Global Climate Strike Walkout

Bailey Wolf, Reporter

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On Friday, September 20th, people walked out of their classes or jobs to protest the growing issue of global warming by participating in a Global Climate Strike, almost 4 million protesters gathered around the world, many of them under the age of 18.

The strike kicked off a week of the Global Week for Future. The Youth Climate Action Summit was held on September 21st. The UN Climate Action Summit was held on the 23rd of September. With the world’s leaders gathering to talk about the planet and it’s ecosystems in a formal setting a few days after the walkout it seemed like no better time to draw the general populations attention to the issues at hand.  

Greta Thunberg, a Swedish teen, started the movement in 2018 when she was 15. Thunberg would leave school to stand outside of the Swedish parliament as a call for action to advocate for the planet. The strike spread across the world and students everywhere began organizing the Friday’s for Future program, where they would leave their classes every Friday in an effort to strike for the climate.

The United States Youth Climate Strike Movement has several demands they want fulfilled through these strikes according to their website. The first is establishing a green new deal to transform the United States economy to 100% renewable energy by 2030. The second is a halt to any fossil fuel infrastructure projects. The third is any environmental decisions made by the government be tied to scientific research. The fourth is a national emergency in climate change be declared. The fifth is mandatory education on the impacts of climate change for students in kindergarten through eighth grade. The sixth is preserving public land and wildlife. The seventh is keeping the world’s water supply clean.

 Protests happened in over 150 countries and all over the United States but the biggest protests in the United States happened in Boston,  Chicago, New York City, and Seattle. In Seattle, protesters were to meet at Cal Anderson Park in at nine a.m. at 12 p.m. the group began marching to City Hall, where there was a youth led rally for climate justice at City Hall.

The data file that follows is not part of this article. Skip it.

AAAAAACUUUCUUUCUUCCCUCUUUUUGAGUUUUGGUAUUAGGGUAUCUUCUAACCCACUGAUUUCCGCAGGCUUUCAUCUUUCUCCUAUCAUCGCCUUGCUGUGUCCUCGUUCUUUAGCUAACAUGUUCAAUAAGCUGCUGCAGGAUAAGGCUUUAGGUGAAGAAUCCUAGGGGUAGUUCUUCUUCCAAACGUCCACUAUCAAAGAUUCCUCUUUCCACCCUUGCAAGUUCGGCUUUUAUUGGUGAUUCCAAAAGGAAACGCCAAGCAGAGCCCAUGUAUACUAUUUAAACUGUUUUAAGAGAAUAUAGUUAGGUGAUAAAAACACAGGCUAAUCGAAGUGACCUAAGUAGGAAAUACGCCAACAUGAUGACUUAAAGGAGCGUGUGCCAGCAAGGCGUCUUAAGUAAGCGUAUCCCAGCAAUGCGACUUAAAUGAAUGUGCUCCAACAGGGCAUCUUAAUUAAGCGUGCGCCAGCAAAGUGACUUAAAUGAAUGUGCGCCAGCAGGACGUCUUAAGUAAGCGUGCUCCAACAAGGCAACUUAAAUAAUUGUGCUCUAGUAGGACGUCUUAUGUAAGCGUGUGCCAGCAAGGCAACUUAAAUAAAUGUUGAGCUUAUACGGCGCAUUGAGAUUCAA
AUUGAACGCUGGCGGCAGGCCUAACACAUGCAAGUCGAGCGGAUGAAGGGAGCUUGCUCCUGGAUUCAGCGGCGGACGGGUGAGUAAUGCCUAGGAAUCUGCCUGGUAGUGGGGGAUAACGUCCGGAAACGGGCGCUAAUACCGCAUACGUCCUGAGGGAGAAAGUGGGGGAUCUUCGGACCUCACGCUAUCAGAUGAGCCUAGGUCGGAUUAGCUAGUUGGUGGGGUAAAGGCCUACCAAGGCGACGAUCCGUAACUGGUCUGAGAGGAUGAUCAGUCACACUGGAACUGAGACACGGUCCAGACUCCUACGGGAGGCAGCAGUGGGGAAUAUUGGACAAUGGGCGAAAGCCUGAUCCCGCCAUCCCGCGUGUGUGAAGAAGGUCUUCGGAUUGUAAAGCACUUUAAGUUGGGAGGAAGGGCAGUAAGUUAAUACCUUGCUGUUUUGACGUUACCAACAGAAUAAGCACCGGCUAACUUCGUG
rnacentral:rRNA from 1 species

“This matters more than school, when it comes to an existential crisis like climate change,” said Thomas Koehnline, a sophomore at Garfield High School, in an interview with The Seattle Times.

The Seattle City Council urged Seattle Public Schools to not give students protesting an unexcused absence and encouraged students to celebrate their right to participate in the Global Climate Strike. Seattle Public Schools shot back in a statement saying “Seattle Public Schools will not attempt to prevent students from participation in this event, but we cannot excuse the absence from school,” said District Superintendent Denise Juneau, “as it does not meet the criteria of an excused absence as defined by state law or board policy and procedure.”

Public school students were allowed to attend but would be marked as an unexcused absence and not be able to participate in practice or games for any sports that night if they missed as well as not be able to make up any work they had missed. Holy Names students were given an excused absence as long as their parents notified the attendance office and all policies were followed regarding absences and early dismissals and they could participate in sports and games that night.  At Bishop Blanchet it was counted as an excused absence with parent permission. 

 

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